There are a lot of places in Georgia which are fan favorites for most—big, beautiful spots like Savannah, which is just bursting with history and charm. Many people who visit Georgia, tend to stay to the more popular places in order to experience what they think it’s all about. However, there are a few places in Georgia that aren’t too traveled, but definitely deserve to be on your radar. Here are a few of those spots…
1. St. Catherine's Island, Georgia
If you aren't familiar, St. Catherine's Island is a privately owned island, very much undisturbed by human beings. How can you visit this historically coastal island? Either by personal invitations, or by a special boat trip to the beach only.
2. The Gorge Floor Cave, Tallulah Gorge
Here's the thing about the Gorge Floor Cave...the cave entrance is hidden, which makes it one of the least-traveled places in the state. Rangers will need to personally take you into the gorge, across a few rivers, and up a bout of very steep banks.
3. The James Edmund Trail, Black Rock Mountain State Park
Many people claim the James Edmund Trail in Black Rock Mountain State Park is the most difficult trail in the state. There is such a steady decline deep into the woods, and this is at the highest elevation state park in Northern Georgia. Of course there wouldn't be too many people hiking this trail!
4. Abandoned Marble Mine, James H. Floyd State Park
The Marble Mine Trail is an easy 1.7-mile hike that leads to an incredible abandoned mine, an aboveground cave, and a neat, natural waterfall all in one. Many people don't know about this little Georgia gem.
5. Corpsewood Manor, Chattahoochee National Forest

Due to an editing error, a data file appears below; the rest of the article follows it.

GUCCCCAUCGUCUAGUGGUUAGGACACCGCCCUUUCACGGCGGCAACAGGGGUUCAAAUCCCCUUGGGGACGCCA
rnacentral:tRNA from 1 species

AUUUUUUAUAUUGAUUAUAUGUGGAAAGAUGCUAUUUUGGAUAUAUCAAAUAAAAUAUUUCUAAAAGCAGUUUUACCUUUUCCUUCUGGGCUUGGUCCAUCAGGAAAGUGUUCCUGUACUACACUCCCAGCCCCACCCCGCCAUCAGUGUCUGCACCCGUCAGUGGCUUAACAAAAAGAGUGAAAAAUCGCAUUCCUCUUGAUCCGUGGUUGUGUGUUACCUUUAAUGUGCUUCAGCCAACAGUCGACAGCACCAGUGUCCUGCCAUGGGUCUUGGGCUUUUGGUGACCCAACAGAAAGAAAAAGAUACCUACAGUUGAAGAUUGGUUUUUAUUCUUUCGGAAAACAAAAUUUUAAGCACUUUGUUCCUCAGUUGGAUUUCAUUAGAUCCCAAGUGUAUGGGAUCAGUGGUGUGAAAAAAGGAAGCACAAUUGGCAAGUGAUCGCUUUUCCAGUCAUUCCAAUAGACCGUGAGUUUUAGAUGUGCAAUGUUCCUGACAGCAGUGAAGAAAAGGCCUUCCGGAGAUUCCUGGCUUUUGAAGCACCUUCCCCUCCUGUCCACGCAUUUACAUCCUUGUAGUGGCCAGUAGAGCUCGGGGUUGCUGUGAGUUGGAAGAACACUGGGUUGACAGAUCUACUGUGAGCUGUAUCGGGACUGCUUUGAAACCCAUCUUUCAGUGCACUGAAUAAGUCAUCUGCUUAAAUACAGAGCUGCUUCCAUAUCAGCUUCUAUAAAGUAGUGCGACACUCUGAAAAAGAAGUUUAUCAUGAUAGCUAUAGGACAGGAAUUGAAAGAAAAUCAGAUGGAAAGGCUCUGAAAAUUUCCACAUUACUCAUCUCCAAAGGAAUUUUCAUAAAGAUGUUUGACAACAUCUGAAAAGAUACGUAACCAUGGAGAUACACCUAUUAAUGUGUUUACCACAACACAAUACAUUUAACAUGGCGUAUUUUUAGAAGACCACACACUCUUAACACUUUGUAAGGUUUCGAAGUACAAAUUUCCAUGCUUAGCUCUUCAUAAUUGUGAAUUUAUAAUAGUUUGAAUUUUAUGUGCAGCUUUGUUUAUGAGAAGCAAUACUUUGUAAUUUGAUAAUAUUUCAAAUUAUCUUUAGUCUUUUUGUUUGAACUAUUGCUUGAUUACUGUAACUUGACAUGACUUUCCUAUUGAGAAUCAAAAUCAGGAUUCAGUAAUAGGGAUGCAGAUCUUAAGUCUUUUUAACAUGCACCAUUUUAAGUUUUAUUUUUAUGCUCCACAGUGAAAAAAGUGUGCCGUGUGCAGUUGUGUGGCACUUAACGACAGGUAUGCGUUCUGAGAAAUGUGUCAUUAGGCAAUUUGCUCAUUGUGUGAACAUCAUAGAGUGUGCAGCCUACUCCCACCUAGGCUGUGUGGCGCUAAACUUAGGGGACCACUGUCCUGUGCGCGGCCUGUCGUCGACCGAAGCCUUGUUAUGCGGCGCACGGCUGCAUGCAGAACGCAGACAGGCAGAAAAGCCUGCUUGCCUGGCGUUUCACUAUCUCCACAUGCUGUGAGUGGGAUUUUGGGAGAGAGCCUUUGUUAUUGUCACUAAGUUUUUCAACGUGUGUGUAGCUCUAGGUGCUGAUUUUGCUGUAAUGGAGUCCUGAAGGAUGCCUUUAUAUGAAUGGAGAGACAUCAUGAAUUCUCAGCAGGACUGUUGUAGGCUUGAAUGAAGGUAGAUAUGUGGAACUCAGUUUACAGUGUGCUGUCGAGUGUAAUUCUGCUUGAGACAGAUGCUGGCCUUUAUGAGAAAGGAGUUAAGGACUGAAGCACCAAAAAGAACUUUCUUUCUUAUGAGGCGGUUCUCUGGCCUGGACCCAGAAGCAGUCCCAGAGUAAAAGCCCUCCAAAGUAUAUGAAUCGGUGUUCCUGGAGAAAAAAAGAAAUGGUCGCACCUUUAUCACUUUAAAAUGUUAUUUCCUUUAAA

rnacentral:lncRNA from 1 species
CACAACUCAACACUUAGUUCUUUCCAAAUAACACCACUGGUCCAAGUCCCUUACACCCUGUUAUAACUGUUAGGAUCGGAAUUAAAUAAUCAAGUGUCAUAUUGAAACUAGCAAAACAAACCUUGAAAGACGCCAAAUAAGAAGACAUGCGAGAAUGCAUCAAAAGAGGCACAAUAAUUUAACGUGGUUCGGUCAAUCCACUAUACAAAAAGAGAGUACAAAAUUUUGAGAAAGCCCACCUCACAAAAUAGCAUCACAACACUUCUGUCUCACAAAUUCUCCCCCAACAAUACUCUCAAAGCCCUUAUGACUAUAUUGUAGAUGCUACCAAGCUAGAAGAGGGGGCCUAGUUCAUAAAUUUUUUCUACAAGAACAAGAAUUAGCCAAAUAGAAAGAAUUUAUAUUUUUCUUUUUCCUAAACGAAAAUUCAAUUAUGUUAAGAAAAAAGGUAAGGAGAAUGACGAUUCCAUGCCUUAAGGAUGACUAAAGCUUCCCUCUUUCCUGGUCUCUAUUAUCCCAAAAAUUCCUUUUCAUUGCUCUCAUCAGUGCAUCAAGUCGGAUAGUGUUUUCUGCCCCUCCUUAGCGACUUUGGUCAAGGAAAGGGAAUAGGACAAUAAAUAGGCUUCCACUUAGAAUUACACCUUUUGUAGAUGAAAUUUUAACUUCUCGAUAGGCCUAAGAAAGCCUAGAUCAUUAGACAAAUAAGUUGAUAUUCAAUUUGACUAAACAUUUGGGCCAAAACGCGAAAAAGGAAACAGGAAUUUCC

Many moons ago, there was a grisly double murder deep in the heart of the Chattahoochee National Forest. While there is a general idea of how to get to the manor because the ruins don't have a public address, many people have tried to no success, which makes it one of the least traveled places in Georgia.
6. Ellison's Cave, Walker County
There's a reason why Ellison's Cave is one of the least traveled places in the state: it's the 12th deepest cave in the United States. Not many people are trained to travel those depths, which makes it uncharted territory for most.
7. Edge Hill, Georgia
Edge Hill, Georgia is truly one of the least traveled places in the state, simply because it is the smallest incorporated city in Georgia by population. In 2010, the population was at 24 people. How's that for solitude?
8. World of Coca-Cola Vault, Atlanta
Okay, we had to add this one in, simply because it truly is one of the least traveled spots in the state. The vault is never opened to the public, and actually requires a handprint scan, and keypad to get in. It's so top secret, it's worth the chance to see it up close.